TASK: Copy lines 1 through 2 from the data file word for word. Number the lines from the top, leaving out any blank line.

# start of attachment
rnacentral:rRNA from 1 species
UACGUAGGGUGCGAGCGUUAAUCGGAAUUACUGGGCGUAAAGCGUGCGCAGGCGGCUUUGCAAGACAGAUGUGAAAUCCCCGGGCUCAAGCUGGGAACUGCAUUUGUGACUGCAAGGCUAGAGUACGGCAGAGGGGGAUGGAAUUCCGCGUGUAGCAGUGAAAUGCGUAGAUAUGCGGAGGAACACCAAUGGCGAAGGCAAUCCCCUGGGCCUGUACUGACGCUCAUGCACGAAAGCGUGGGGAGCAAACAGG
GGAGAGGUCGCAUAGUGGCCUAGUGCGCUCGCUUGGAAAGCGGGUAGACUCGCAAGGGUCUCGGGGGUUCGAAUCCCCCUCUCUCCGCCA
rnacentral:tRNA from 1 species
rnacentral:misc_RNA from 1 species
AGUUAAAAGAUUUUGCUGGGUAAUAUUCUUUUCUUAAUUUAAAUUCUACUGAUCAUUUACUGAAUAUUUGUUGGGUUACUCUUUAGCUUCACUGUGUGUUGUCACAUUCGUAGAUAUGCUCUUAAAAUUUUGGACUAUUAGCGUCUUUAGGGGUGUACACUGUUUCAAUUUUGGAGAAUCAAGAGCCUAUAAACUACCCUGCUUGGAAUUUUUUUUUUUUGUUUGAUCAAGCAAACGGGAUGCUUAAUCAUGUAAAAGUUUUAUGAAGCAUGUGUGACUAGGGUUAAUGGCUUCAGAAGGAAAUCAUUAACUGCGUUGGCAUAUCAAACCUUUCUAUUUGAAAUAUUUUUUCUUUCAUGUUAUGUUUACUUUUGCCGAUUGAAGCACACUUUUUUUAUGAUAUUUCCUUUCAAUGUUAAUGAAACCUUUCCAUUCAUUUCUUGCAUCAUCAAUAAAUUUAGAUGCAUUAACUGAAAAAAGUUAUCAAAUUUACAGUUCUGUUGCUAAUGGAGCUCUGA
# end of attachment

rnacentral:rRNA from 1 species
UACGUAGGGUGCGAGCGUUAAUCGGAAUUACUGGGCGUAAAGCGUGCGCAGGCGGCUUUGCAAGACAGAUGUGAAAUCCCCGGGCUCAAGCUGGGAACUGCAUUUGUGACUGCAAGGCUAGAGUACGGCAGAGGGGGAUGGAAUUCCGCGUGUAGCAGUGAAAUGCGUAGAUAUGCGGAGGAACACCAAUGGCGAAGGCAAUCCCCUGGGCCUGUACUGACGCUCAUGCACGAAAGCGUGGGGAGCAAACAGG